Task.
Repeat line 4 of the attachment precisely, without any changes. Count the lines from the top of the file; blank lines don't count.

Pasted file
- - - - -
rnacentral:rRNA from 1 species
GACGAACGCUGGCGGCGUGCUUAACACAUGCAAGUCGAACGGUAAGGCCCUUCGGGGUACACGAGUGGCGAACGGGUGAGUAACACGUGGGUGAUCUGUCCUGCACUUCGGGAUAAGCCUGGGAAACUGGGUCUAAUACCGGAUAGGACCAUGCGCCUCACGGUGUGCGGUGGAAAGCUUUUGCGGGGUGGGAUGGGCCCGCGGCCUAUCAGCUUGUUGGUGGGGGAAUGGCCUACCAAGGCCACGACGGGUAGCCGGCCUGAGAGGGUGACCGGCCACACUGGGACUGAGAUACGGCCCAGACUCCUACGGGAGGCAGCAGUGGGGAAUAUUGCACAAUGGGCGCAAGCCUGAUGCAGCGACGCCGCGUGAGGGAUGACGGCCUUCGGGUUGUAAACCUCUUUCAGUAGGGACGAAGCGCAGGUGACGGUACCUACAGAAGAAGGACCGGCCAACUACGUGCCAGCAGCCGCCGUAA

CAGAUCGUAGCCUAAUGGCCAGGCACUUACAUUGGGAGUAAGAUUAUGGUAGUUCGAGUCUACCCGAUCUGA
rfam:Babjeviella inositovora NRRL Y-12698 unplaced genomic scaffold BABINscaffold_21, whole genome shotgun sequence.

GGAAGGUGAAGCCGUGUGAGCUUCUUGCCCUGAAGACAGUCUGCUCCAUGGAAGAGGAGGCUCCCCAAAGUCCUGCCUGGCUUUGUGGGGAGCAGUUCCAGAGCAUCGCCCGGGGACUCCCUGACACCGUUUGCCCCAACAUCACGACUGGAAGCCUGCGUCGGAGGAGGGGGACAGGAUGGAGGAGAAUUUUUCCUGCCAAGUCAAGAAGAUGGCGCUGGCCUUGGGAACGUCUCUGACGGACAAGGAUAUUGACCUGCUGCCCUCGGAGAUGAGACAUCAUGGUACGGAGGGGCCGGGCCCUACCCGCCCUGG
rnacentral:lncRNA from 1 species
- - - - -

rfam:Babjeviella inositovora NRRL Y-12698 unplaced genomic scaffold BABINscaffold_21, whole genome shotgun sequence.